We are in Foster Care Fortnight and this is the time of year when foster care stories make headlines (good and bad), statistics are discussed and the need for more foster carers becomes a national talking point. It started on Monday 8 May and continues onto 21 May 2017. There will be a national campaign to recruit new carers and you may well see adverts on the side of bus stops and bill boards asking if YOU could foster in your area.
Let’s talk numbers. There is a lot of statistical information in The Government’s report Children looked after in England including adoption: 2015 to 2016 that breaks down numbers of children in care into minute detail and I’ve included a link here if you would like to read the full National Statistics report. It very usefully drills down into areas of interest such as; the gender, age, ethnicity of children in or coming into care, why they were taken into care and also the number of unaccompanied asylum seeking children entering the care system, which has been a hot topic for several months. There has been a rise in Looked After Children and as of 31 March 2016 there were just over 70,000 children in care (mostly in foster care). The number of younger children (aged 1-4 years) going into care has dropped but the number of children ages 10 and over has increased.
This is far from being a dry and dusty government document, but a very necessary snapshot of foster care at a moment in time, that also allows the reader to compare figures year on year. However, in all of the figures and graphs it’s easy to forget the children and foster carers behind the numbers. The report above is about the children in care, but what about the foster carers? What do we know, as a nation, about them? The Fostering Network report “State of the Nation’s Foster Care 2016 What foster carers think and feel about fostering” tells us of foster carers experiences, but also what they feel needs to be changed. What were foster carers main concerns as highlighted in the Foster Network’s report?
The number 1 concern that foster carers have, it seems, is communication and support (from their fostering service), followed by being treated as a professional. As a foster carer who has worked with both a Local Authority (LA) and an Independent Fostering Agency (IFA), I can understand those comments. Support is essential to be a successful and effective foster carer as it is a demanding 24/7 role that you can’t step away from, even if you’re having a bad day or have a bad cold, or worse. Looked After Children have usually come from a difficult family situation and in the case of the children I look after, a place of chaos and uncertainty; they need stability and consistency. This is hard to give if you are exhausted or emotionally at the end of your tether, because you can be sure that children, before they find their place of peace with you, will push you to your limit. Receiving support from your key link workers is essential and not just the tools to do your job such as training, but time to talk about your concerns, what is driving you crazy and what you need to do for things to improve. Sometimes circumstances can’t be improved immediately, but being listened to is definitely half the battle. If you don’t have this, the placement could be under threat, you become less effective and ultimately the child will sense your feelings and could sabotage the placement in order not to be rejected… again.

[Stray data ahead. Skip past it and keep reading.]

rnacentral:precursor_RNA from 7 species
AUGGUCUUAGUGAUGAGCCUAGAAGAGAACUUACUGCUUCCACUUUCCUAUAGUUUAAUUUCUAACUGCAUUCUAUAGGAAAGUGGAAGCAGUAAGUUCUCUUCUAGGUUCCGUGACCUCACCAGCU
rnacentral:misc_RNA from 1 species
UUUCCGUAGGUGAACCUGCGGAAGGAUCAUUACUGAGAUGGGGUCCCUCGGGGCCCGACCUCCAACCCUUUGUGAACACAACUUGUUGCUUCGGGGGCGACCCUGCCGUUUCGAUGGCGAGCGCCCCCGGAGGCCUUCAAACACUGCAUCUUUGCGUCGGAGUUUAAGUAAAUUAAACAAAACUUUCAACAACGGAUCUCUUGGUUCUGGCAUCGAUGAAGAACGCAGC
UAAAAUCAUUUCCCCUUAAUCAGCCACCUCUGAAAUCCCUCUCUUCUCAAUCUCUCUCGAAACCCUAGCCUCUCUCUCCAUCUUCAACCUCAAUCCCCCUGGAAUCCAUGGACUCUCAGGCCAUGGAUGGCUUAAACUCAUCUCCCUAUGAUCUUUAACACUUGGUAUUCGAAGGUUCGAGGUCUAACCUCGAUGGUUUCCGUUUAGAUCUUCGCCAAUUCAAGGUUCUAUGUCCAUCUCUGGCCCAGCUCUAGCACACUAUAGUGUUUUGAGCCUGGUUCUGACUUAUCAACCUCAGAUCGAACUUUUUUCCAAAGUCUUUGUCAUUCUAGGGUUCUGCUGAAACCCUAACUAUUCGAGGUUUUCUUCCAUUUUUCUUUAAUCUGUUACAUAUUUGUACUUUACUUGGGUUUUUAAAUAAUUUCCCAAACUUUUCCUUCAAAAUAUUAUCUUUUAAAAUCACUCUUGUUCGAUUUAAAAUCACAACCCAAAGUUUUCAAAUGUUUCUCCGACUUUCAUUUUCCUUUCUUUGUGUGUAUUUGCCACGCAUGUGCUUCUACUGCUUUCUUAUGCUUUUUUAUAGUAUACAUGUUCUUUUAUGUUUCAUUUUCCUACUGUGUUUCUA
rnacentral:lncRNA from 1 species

I am lucky, my Supervising Social Worker (all foster carers are allocated one) in my IFA is excellent; a font of knowledge, non judgemental and looks at children’s behaviour and sees what they are really saying. She has singlehandedly saved M’s placement with us in the early days when we were frankly all out of options. We listened to her advice and I’ll be the first to admit I did NOT want to take it, but it worked. Down the line, M is a fundamental part of our household and I couldn’t image life without her.
Being left out of communication is a huge bugbear of mine, however it’s not been from social workers or the child’s team, but from the schools. Both M and J are dreadful about bringing me letters from school and I have to ask the school again and again for communication to be posted or emailed, but it appears that M’s school certainly, just don’t listen and as a result we have missed key dates or events. As for being treated as a professional, I feel it’s important here to clarify that I am a professional foster carer and I act like one.
The point the Foster Network report is making from the responses they received is that we are professionals, who are assessed, trained (ongoing), DBS checked and reassessed every year and deserve to be treated as professionals. My IFA treat Hubby and I as professionals and so do the social workers who look after the children in my care, but it hasn’t always been this way. I have had children in my care whose social workers have treated me with disrespect and without thought, and it does leave a nasty taste in your mouth.
The Fostering Network report asked its members ‘Why are you a foster carer?’ and the two most common answers were a) to make a difference in the lives of children in care, and b) to offer children a positive experience of family life. This is why I’m a foster carer and yes I have days when I’m tired from the night feed with Baby S, or stressed, or worried where M is as she’s missed her curfew, or I’m uncertain of J or Baby S’s future, but ultimately I want the 3 children in my care to not only be happy but to thrive. The good days far outweigh any days when I’d like to pull my hair out, and the Eureka moments when you see the light bulb going off in a child’s mind is priceless!
Would I recommend being a foster carer? Yes. Without doubt. Would I say it was for everyone? No.
The Fostering Network https://www.thefosteringnetwork.org.uk/
Nexus Fostering http://www.nexusfostering.co.uk/